- 1. Resist using herbicides anywhere near food plants.
- 2. Choose the most appropriate herbicide for the job you need to do: contact herbicides kill plants on contact; systemic herbicides get into the vascular system of plants, eventually killing the roots; and residual herbicides act on the soil, not the foliage, and may remain in the soil for about a year.
- 3. When applying herbicides, carefully follow the instructions. Always wear gloves and only spray on wind-free days as these chemicals can cause skin and eye irritation and may spread to other plants.
- 4. If using broad-spectrum weedkillers such as glyphosate, which will kill most plants, target weeds carefully and use in dry weather. The safest approach is to use a weed wand, or soaked sponge or cloth, to ‘paint’ the weeds with the chemical rather than spray. This ensures that the substance hits its target and nothing else.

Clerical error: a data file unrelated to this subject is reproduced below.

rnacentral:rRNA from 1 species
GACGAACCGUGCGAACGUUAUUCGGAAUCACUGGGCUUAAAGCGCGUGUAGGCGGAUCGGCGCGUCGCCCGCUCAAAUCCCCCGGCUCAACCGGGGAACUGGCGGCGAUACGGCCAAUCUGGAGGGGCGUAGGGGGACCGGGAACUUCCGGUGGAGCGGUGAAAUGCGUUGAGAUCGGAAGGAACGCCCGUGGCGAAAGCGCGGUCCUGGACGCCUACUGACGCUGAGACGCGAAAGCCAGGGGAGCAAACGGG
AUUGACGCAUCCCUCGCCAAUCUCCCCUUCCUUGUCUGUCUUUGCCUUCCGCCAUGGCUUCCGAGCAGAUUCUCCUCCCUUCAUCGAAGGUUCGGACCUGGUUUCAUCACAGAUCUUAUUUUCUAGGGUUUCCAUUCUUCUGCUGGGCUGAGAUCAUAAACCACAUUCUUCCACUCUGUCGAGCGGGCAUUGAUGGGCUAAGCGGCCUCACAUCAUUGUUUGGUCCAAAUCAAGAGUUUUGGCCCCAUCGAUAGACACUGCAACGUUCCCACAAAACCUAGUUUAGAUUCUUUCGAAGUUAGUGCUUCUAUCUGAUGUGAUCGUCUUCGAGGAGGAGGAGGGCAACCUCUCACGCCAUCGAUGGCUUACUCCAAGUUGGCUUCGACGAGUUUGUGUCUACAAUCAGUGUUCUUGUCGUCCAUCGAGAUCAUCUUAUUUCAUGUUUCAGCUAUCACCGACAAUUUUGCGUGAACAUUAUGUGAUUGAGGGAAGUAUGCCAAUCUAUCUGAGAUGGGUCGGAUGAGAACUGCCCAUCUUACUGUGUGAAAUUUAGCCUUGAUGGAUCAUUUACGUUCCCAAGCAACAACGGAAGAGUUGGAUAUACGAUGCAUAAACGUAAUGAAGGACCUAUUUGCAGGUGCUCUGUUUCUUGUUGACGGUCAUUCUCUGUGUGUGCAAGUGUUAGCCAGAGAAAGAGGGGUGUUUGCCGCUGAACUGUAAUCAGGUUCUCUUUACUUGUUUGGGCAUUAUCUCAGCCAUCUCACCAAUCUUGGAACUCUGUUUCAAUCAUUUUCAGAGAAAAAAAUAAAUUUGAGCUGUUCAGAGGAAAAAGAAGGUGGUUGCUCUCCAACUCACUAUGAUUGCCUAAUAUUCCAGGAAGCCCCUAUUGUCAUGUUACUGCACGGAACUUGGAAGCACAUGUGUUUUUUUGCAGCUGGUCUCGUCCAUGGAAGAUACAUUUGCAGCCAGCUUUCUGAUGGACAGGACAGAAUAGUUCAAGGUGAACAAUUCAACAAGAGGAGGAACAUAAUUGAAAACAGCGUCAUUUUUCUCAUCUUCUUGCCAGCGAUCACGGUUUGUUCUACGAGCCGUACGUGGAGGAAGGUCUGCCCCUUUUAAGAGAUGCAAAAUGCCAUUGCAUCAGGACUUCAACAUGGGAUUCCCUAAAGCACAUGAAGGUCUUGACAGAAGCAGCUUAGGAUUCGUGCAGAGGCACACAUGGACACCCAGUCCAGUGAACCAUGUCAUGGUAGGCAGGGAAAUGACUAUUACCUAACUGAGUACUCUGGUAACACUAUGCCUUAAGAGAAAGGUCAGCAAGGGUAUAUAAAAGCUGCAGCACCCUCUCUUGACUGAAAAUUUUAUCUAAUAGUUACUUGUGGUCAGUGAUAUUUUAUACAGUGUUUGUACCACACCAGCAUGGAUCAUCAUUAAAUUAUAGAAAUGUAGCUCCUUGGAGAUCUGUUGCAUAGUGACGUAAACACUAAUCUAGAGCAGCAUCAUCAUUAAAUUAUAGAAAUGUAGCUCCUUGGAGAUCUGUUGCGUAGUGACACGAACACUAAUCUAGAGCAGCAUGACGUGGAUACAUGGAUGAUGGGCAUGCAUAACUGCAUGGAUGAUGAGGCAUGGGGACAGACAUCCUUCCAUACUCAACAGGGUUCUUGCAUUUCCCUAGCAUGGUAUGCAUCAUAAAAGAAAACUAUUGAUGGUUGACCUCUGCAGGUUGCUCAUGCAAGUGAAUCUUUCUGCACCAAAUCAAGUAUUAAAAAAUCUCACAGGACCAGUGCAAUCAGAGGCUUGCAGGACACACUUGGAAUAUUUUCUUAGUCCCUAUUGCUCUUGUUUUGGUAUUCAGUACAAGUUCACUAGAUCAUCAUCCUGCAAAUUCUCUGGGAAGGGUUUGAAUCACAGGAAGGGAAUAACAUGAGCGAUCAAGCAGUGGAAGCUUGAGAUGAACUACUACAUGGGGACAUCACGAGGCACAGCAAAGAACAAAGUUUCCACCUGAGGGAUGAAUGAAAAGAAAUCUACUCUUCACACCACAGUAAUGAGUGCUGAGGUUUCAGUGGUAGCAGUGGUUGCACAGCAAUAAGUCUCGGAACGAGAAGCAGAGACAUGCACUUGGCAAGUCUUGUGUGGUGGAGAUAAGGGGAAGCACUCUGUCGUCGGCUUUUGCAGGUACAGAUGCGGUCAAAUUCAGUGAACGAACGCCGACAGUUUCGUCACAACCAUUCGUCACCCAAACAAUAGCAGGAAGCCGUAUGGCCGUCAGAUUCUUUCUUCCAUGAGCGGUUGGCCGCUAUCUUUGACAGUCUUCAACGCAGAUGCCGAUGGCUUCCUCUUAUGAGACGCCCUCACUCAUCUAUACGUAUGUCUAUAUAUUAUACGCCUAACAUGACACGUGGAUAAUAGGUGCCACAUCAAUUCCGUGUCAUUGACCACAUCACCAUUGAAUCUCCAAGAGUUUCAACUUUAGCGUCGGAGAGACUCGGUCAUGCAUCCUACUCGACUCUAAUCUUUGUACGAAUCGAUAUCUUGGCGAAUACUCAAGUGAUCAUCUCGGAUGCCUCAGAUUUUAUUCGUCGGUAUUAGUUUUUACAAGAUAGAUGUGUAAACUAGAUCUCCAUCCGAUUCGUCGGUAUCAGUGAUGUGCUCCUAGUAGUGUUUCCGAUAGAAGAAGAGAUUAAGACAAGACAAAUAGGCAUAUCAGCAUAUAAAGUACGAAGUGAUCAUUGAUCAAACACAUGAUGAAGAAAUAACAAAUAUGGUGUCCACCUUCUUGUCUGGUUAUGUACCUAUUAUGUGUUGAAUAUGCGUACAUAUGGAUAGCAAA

- 5. Use a plant-specific weedkiller strictly in accordance with the instructions on the label, applying it carefully to only the target plants, and taking particular care near trees. There are plant-specific weedkillers that target only bindii and clover, broad-leaved weeds or winter grass without harming other plants.
Getting Rid of Ivy
- 1. Ivy is now generally regarded as a weed as it is so invasive. It is also linked to allergies such as asthma and severe lung conditions. Follow these steps to remove ivy from walls without leaving unsightly marks.
- 2. Wear gloves and long sleeves to prevent the sap or dust from irritating your skin, and a dust mask so that you won’t inhale dust and ivy mites. Water the foliage before you start, to reduce dust and allergen problems.
- 3. Cut the stems at the base and poison with a glyphosate-based product. Repeat applications may be necessary
- 4. Wait for the top growth to die before trying to remove the foliage and stems from the wall. Remove the aerial roots using a stiff brush or paint scraper.